Local author and wildlife enthusiast Steve Wright provides his recommendations for exploring the Manx countryside during spring/summer;

For a small island, the Isle of Man has an exceptional diversity of habitats and wildlife, and I’ve divided my recommendations into six areas. These locations are worth visiting all year round, but my top tips are based on wildlife sightings in either May or June.


At the Island’s northern tip there’s a large shingle beach called The Point of Ayre. It’s the perfect place to stand and watch gannets and terns plunge diving for small fish, at such close proximity you can hear them SMACK into the sea’s surface. Further out you might see rafts of kittiwakes and eider ducks, while Manx shearwaters jink above the waves. Stretching along the northwest coast is The Ayres National Nature Reserve and Discovery Centre, a habitat of maritime heathland which has some rare plant and insect life. At Ballaghennie there’s a visitors centre with a ‘Recent Sightings Board’ - check out what’s about! The nearby viewing platform provides 360° views across the reserve and coast (on a clear day you’ll even see Scotland).

Point of Ayre

Continue south to the Ballaugh Curraghs – a wetland habitat of gnarly willows, orchid meadows and wild wallabies (the nearby Curraghs Wildlife Park opened in the 1960s, and afterwards a small number of wallabies escaped and flourished; their numbers are now estimated to be over 500).

Ballaugh Curraghs Wallaby


South of Douglas is Marine Drive – accessible by car, this winding stretch of coastal road continues until you reach a section which collapsed into the sea in the 1970s. Your height above the sea will help you spot Risso's dolphins. It’s also a dwelling for acrobatic crows which have a curved beak and red legs; chough.

Marine Drive

North of Laxey are two lovely glens; Dhoon & Ballaglass (a bluebell bonanza in May). After enjoying the lushness of the woodlands, continue north to Maughold. There’s free parking and toilet facilities. From here you can stroll through the historically important Kirk Maughold churchyard to Maughold Head Lighthouse. Keep a look out for peregrines and ravens above, while below at sea level you might spot razorbills, seals and fulmar.

Ballaglass Glen Bluebells


Our central hills are home to hen harriers, often seen flying low over the moorlands as they hunt. There are some exhilarating footpaths through the middle of the Island, including the Millennium Way and Herring Way. The Island has hundreds of rights of way; including paths which take you to the top of the highest peaks – I’d recommend Beinn-y-Phott, North Barrule and South Barrule (which has an Iron Age Hill Fort). While on your wilderness walk, look out for mountain hares and ravens. If you prefer something less physically demanding - take the Snaefell Mountain Railway to the Island’s highest peak.

Snaefell Mountain

South East

If travelling south from Douglas you could enjoy the glorious Manx countryside while on the Isle of Man Steam Railway. Outside Castletown there’s a peninsular called Langness with coastal footpaths and blanketed flowers, including spring squil, sea campion and thrift. It’s also a hotspot for dolphins, seals and porpoises.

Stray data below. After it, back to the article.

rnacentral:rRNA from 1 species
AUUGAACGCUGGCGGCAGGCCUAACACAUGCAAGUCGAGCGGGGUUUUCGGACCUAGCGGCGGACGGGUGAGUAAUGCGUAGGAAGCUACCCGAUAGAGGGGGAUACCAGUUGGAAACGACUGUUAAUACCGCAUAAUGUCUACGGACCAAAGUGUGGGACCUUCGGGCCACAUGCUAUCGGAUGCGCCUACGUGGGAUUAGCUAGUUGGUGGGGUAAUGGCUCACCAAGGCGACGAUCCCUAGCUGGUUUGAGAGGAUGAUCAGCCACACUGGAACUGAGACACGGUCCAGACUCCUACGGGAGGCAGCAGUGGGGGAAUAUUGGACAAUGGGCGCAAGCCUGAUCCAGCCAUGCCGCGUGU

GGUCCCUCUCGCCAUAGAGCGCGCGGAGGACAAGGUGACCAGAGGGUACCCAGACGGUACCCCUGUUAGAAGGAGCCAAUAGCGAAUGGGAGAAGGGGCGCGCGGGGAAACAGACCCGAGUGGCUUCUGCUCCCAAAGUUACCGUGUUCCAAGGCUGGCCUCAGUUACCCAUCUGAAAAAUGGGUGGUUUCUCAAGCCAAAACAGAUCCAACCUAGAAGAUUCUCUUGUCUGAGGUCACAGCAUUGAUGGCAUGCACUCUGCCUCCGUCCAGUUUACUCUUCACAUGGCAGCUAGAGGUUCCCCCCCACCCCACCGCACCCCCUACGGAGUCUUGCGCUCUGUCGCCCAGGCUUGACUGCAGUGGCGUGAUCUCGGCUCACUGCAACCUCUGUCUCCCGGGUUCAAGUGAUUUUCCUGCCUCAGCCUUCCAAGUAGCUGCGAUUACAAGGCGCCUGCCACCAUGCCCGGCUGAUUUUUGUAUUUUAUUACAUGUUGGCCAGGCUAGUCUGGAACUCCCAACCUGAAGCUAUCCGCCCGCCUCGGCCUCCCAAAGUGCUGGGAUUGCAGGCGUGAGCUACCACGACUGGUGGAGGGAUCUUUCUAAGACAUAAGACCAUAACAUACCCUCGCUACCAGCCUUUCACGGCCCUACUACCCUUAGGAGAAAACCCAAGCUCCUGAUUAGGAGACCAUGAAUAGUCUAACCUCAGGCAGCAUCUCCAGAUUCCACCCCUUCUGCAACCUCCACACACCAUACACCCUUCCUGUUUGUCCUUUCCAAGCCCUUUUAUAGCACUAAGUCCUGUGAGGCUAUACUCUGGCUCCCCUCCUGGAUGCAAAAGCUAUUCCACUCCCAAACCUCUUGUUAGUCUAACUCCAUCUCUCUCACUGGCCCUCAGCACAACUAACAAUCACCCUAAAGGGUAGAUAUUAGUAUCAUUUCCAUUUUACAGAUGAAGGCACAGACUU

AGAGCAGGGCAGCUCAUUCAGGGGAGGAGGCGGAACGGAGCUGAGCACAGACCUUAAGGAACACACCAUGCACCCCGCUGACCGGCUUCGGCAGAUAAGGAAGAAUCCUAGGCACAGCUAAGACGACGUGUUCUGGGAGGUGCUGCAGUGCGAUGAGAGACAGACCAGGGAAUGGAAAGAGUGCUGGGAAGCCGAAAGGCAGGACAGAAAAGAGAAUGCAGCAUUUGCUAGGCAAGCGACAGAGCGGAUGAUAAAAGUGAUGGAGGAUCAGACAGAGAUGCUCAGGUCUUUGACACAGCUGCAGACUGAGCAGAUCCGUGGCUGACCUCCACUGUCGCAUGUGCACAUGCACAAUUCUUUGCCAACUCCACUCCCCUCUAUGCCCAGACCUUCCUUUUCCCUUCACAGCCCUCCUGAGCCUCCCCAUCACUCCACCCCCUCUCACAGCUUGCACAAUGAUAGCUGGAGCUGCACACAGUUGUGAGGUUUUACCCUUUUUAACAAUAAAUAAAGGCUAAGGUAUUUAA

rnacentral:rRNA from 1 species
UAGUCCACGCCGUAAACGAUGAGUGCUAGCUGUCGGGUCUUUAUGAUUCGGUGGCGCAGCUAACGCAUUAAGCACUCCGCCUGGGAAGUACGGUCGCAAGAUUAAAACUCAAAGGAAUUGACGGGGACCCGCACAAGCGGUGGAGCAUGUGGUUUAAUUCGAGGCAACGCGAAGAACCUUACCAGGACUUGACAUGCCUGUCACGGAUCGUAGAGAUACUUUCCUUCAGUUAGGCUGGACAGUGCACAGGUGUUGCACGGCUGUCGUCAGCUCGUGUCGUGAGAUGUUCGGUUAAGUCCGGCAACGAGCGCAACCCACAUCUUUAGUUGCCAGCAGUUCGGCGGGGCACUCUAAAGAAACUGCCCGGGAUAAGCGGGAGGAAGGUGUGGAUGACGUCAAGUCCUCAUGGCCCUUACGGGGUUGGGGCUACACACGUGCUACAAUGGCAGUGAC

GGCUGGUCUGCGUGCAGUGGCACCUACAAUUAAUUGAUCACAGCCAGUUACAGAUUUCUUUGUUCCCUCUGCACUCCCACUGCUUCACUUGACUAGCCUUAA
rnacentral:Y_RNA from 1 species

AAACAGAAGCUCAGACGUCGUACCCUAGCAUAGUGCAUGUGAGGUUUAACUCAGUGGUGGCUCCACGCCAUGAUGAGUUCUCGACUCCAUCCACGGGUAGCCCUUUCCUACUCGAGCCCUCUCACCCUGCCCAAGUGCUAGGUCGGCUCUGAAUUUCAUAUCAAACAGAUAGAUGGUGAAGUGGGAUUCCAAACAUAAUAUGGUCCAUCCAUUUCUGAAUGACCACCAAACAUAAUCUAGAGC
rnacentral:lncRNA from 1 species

Nearby is Silverdale Glen - listen to singing blackcaps while immersing yourself in woodland flowers. If you have an interest in geology, then Scarlett’s volcanic rocks are worth exploring. It’s on the Raad ny Foillan footpath, which provides access to most of the Island’s coastline. Follow this coastal path towards Poyll Vaaish and you could see shelduck, oystercatchers and tree sparrows….  and if you continue further west towards Port St Mary you’ll also find a pub!


South West

My favourite stretch of coastline is between Port St Mary and Port Erin; because of the wildlife and incredible scenery. Sugarloaf is a nesting place for hundreds of guillemots and kittiwakes. You could stop for lunch at The Sound while observing the Atlantic grey seals basking on Kitterland.

Kitterland Seals

If you continue towards Port Erin; stop regularly to keep an eye out for dolphins, basking sharks and seabirds. Throughout this walk you’ll be aware of the Calf of Man to the south – this offshore wildlife haven can be reached by boat – there are several tour operators and I’d recommend pre-booking, because getting there is dependent on the weather and the tide.

Calf of Man Boat Tour


I’ve saved one of the most magnificent coastlines until last - for history and culture, west is often best. Even in bad weather, Peel Castle is a lovely location to visit (because you can shelter from the wind and rain behind the ramparts). Recently a pair of bottlenose dolphins have resided in this area and locals have named them Moonlight and Starlight. Inside the marina, look out for the black guillemots which nest in the holes along the harbour walls.

Peel Castle

There are two exceptional beauty spots south of Peel, first is Glen Maye, with its waterfall and weaving stream (if you study the freshwater you’ve a chance of spotting a trout). Afterwards, continue to Niarbyl for the picturesque cottages and vistas. There’s a long white beach just a short walk south.

Glen Maye